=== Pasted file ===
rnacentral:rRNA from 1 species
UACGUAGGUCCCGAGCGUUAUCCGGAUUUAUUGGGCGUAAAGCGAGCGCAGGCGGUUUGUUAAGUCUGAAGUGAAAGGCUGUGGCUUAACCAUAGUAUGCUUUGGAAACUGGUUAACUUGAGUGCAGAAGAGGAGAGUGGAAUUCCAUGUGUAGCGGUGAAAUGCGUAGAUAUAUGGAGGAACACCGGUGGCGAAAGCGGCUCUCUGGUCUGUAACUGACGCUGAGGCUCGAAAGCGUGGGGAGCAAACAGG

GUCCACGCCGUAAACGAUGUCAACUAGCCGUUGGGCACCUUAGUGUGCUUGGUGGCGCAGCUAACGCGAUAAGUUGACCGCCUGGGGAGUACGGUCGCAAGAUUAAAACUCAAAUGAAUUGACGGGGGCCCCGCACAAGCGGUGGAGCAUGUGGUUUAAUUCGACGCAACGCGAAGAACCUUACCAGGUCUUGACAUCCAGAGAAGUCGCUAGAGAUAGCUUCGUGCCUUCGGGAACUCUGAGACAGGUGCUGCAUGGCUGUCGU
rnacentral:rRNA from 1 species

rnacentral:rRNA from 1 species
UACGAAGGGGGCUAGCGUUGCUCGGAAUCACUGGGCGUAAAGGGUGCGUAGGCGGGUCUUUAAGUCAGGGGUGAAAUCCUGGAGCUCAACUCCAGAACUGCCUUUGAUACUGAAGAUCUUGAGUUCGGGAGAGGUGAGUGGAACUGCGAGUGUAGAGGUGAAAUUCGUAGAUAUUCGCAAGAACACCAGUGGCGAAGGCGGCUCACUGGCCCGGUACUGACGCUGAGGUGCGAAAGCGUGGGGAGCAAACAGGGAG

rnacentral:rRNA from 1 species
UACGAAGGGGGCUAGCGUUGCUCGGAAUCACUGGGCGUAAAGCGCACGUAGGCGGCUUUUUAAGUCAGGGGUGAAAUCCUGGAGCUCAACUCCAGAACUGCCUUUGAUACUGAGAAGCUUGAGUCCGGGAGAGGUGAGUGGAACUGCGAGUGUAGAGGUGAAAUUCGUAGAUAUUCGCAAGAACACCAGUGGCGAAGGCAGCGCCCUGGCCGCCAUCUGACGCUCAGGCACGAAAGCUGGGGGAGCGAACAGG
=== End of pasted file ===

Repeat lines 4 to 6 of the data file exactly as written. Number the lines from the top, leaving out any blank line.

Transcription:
rnacentral:rRNA from 1 species

rnacentral:rRNA from 1 species
UACGAAGGGGGCUAGCGUUGCUCGGAAUCACUGGGCGUAAAGGGUGCGUAGGCGGGUCUUUAAGUCAGGGGUGAAAUCCUGGAGCUCAACUCCAGAACUGCCUUUGAUACUGAAGAUCUUGAGUUCGGGAGAGGUGAGUGGAACUGCGAGUGUAGAGGUGAAAUUCGUAGAUAUUCGCAAGAACACCAGUGGCGAAGGCGGCUCACUGGCCCGGUACUGACGCUGAGGUGCGAAAGCGUGGGGAGCAAACAGGGAG